Most Codecademy courses involve interactive learning inside their in-browser learning development environment, but occasionally we are directed to get off Codecademy platform and build something on our own. I have set up nginx as a local development web host (not the best use of nginx) serving files directly off a GitHub repository for these projects. This repository is, in turn, set up to host project content via GitHub pages. After this infrastructure is setup, I dove in to the off-platform project assignments of Built a Website with HTML, CSS, and Github Pages skill path.

The first project was “Dasmoto’s Arts & Crafts”, a relatively simple art shop landing page exercising a beginner’s level of HTML and CSS. We are given the images to use, and a specification of how the site should look. This was a practice exercise intended for us to run directly off local filesystem, without even a web server. But where’s the fun in that? I built this project locally, serving my files via nginx.

The next project was “Tea Cozy”, a more sophisticated tea shop landing page. This was from “Flexbox and Grid” section that pulled in most of the material of Learn CSS: Flexbox and Grid. Again, we are given a set of images to use, and a specification for how the site should look. This layout is far more complex than “Dasmoto’s Arts & Crafts” project, requiring use of (no surprise) flexbox and grid. I enjoyed the challenge of building “Tea Cozy” and I feel I have a much better grasp of flexbox & grid after this project.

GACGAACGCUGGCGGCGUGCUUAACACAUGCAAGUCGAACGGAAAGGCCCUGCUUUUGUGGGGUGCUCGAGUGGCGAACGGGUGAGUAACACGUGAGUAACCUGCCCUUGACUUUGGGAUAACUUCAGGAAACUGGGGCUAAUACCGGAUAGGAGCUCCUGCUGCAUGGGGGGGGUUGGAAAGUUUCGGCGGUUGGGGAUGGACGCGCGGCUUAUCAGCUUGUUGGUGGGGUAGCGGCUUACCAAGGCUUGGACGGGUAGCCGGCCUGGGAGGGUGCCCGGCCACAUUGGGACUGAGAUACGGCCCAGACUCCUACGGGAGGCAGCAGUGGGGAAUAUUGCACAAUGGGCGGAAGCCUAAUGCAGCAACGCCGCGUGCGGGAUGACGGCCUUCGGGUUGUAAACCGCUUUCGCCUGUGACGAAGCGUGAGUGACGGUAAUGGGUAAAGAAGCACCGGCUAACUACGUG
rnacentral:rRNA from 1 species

Towards the end of the skill path was a project “Excursion”, a coming-soon phone app landing page. In addition to the images, we also had a video to embed. I had thought it be more of a skill practice than “Tea Cozy”, but it turned out to be far simpler with minimal layout challenges. The focus of this exercise was on GitHub Pages, a topic I had already put in the time to learn, so I blitzed through it relatively quickly. My only problem was trying to incorporate the copyright symbol, which wasn’t as simple as copy and pasting the Unicode character. A strange character gets added whenever I try to do so! I decided this problem wasn’t technically a HTML/CSS issue and punted.